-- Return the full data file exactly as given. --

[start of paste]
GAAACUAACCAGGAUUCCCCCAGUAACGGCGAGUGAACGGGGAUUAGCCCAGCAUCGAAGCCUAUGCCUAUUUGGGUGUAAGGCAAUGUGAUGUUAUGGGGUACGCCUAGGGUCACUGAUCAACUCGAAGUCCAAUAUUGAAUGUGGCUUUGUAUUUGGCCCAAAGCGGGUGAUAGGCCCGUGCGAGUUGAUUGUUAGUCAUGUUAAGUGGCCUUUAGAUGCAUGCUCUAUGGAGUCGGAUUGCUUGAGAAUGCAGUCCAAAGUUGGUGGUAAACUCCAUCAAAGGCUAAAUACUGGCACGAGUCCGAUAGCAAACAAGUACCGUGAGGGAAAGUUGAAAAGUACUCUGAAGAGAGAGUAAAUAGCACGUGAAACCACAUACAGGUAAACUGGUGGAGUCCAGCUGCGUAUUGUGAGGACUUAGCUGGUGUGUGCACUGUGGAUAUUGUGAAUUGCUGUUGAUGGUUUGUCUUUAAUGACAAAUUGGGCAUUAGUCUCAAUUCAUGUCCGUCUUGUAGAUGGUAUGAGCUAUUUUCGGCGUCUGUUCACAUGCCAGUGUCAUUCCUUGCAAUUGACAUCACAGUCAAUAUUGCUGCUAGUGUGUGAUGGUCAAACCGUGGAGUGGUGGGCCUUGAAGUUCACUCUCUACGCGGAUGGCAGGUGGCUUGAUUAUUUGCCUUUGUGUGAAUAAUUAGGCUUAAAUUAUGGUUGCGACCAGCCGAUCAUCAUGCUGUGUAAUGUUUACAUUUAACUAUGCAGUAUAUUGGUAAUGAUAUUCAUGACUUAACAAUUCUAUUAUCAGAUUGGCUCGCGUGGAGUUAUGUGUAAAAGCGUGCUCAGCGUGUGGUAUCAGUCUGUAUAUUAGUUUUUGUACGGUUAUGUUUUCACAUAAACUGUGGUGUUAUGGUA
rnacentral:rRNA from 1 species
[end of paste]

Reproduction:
GAAACUAACCAGGAUUCCCCCAGUAACGGCGAGUGAACGGGGAUUAGCCCAGCAUCGAAGCCUAUGCCUAUUUGGGUGUAAGGCAAUGUGAUGUUAUGGGGUACGCCUAGGGUCACUGAUCAACUCGAAGUCCAAUAUUGAAUGUGGCUUUGUAUUUGGCCCAAAGCGGGUGAUAGGCCCGUGCGAGUUGAUUGUUAGUCAUGUUAAGUGGCCUUUAGAUGCAUGCUCUAUGGAGUCGGAUUGCUUGAGAAUGCAGUCCAAAGUUGGUGGUAAACUCCAUCAAAGGCUAAAUACUGGCACGAGUCCGAUAGCAAACAAGUACCGUGAGGGAAAGUUGAAAAGUACUCUGAAGAGAGAGUAAAUAGCACGUGAAACCACAUACAGGUAAACUGGUGGAGUCCAGCUGCGUAUUGUGAGGACUUAGCUGGUGUGUGCACUGUGGAUAUUGUGAAUUGCUGUUGAUGGUUUGUCUUUAAUGACAAAUUGGGCAUUAGUCUCAAUUCAUGUCCGUCUUGUAGAUGGUAUGAGCUAUUUUCGGCGUCUGUUCACAUGCCAGUGUCAUUCCUUGCAAUUGACAUCACAGUCAAUAUUGCUGCUAGUGUGUGAUGGUCAAACCGUGGAGUGGUGGGCCUUGAAGUUCACUCUCUACGCGGAUGGCAGGUGGCUUGAUUAUUUGCCUUUGUGUGAAUAAUUAGGCUUAAAUUAUGGUUGCGACCAGCCGAUCAUCAUGCUGUGUAAUGUUUACAUUUAACUAUGCAGUAUAUUGGUAAUGAUAUUCAUGACUUAACAAUUCUAUUAUCAGAUUGGCUCGCGUGGAGUUAUGUGUAAAAGCGUGCUCAGCGUGUGGUAUCAGUCUGUAUAUUAGUUUUUGUACGGUUAUGUUUUCACAUAAACUGUGGUGUUAUGGUA
rnacentral:rRNA from 1 species